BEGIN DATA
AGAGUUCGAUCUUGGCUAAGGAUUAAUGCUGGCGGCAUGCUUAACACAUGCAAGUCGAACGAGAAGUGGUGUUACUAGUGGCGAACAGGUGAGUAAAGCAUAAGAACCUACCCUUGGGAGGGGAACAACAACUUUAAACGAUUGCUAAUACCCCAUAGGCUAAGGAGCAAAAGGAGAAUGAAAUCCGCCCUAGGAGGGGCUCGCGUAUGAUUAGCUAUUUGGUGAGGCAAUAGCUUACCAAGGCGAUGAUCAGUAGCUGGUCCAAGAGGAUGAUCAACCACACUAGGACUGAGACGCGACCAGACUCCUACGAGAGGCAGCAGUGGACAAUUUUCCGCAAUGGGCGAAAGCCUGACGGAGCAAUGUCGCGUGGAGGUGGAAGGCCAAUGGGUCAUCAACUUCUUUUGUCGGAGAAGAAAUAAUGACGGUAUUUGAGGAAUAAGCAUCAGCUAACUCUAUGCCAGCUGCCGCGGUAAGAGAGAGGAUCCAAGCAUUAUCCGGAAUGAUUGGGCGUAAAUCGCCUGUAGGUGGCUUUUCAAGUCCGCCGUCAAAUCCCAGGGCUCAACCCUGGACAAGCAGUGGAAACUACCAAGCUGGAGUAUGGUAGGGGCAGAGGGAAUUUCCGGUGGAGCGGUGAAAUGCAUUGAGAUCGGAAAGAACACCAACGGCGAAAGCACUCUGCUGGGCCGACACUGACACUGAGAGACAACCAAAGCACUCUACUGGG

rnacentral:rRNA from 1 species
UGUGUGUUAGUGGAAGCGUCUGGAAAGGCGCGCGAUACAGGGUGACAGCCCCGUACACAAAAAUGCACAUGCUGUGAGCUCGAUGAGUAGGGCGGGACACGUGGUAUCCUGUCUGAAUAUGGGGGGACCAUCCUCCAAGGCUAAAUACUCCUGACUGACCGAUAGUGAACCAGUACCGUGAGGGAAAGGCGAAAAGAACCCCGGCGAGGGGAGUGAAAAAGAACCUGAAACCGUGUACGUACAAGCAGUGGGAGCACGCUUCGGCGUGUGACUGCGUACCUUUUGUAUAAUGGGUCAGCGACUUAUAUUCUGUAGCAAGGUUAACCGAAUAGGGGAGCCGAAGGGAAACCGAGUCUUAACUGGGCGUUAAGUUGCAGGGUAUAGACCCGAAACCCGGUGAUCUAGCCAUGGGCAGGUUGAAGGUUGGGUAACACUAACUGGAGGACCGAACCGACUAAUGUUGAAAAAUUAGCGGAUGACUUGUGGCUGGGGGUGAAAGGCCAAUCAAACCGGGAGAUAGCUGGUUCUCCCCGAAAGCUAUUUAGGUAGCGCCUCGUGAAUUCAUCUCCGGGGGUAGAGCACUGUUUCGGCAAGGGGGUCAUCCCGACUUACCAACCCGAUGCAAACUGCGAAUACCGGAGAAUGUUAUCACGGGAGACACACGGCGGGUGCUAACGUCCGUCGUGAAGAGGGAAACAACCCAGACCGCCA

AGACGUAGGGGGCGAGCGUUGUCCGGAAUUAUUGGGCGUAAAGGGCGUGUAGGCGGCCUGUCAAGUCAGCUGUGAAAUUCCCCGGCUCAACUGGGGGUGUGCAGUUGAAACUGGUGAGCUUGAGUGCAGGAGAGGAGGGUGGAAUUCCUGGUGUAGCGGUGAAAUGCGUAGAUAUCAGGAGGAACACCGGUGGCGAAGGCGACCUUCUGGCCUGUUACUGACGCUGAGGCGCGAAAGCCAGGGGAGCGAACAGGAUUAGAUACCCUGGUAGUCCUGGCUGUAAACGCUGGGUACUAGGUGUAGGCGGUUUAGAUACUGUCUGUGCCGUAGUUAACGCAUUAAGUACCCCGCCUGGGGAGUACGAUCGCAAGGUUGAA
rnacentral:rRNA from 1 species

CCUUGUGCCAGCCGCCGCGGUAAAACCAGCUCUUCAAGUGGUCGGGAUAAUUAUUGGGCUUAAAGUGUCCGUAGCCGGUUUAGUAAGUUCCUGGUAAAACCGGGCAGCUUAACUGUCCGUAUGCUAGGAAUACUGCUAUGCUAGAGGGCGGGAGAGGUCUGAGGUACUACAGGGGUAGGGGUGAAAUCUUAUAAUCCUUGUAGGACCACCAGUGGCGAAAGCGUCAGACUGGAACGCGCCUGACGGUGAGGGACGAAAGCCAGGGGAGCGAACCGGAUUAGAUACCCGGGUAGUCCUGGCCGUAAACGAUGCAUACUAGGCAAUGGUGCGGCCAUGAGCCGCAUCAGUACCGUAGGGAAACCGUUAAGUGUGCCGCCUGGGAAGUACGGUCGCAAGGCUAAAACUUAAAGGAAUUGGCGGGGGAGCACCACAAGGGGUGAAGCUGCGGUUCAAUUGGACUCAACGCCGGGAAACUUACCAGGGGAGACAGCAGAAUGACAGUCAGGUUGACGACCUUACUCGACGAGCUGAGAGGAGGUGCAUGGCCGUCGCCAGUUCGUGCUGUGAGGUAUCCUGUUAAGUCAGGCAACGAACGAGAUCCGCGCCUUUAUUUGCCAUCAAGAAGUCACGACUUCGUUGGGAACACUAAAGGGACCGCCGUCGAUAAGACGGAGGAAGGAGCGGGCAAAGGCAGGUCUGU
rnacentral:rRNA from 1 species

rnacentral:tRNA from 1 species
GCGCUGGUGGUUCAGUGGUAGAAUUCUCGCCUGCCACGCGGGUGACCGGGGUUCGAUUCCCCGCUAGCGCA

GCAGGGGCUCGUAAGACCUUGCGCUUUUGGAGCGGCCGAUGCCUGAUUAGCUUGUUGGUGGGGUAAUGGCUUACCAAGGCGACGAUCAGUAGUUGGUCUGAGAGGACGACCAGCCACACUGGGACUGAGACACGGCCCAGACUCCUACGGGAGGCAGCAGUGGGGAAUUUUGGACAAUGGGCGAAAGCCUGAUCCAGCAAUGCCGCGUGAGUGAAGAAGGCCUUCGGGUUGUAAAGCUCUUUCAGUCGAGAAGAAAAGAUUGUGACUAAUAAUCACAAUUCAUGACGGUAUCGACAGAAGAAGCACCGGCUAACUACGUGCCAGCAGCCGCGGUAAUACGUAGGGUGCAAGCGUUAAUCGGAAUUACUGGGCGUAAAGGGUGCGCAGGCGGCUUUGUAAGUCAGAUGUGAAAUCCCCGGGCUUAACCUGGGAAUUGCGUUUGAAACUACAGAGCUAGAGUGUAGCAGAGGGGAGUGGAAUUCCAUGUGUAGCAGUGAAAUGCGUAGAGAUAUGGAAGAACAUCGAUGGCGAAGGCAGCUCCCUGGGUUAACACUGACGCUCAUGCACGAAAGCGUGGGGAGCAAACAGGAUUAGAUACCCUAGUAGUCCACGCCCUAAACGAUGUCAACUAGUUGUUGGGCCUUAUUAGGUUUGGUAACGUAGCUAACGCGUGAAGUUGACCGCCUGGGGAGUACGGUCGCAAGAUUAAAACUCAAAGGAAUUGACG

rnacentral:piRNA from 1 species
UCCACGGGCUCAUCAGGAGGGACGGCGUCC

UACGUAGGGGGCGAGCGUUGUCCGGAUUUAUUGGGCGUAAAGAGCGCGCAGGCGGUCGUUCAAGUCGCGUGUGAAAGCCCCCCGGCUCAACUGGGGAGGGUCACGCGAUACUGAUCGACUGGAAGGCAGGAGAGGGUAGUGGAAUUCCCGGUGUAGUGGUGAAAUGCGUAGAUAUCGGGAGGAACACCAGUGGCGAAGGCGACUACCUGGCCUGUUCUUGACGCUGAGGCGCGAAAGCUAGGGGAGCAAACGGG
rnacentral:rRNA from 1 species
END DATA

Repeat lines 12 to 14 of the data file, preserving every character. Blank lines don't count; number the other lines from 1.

UCCACGGGCUCAUCAGGAGGGACGGCGUCC

UACGUAGGGGGCGAGCGUUGUCCGGAUUUAUUGGGCGUAAAGAGCGCGCAGGCGGUCGUUCAAGUCGCGUGUGAAAGCCCCCCGGCUCAACUGGGGAGGGUCACGCGAUACUGAUCGACUGGAAGGCAGGAGAGGGUAGUGGAAUUCCCGGUGUAGUGGUGAAAUGCGUAGAUAUCGGGAGGAACACCAGUGGCGAAGGCGACUACCUGGCCUGUUCUUGACGCUGAGGCGCGAAAGCUAGGGGAGCAAACGGG
rnacentral:rRNA from 1 species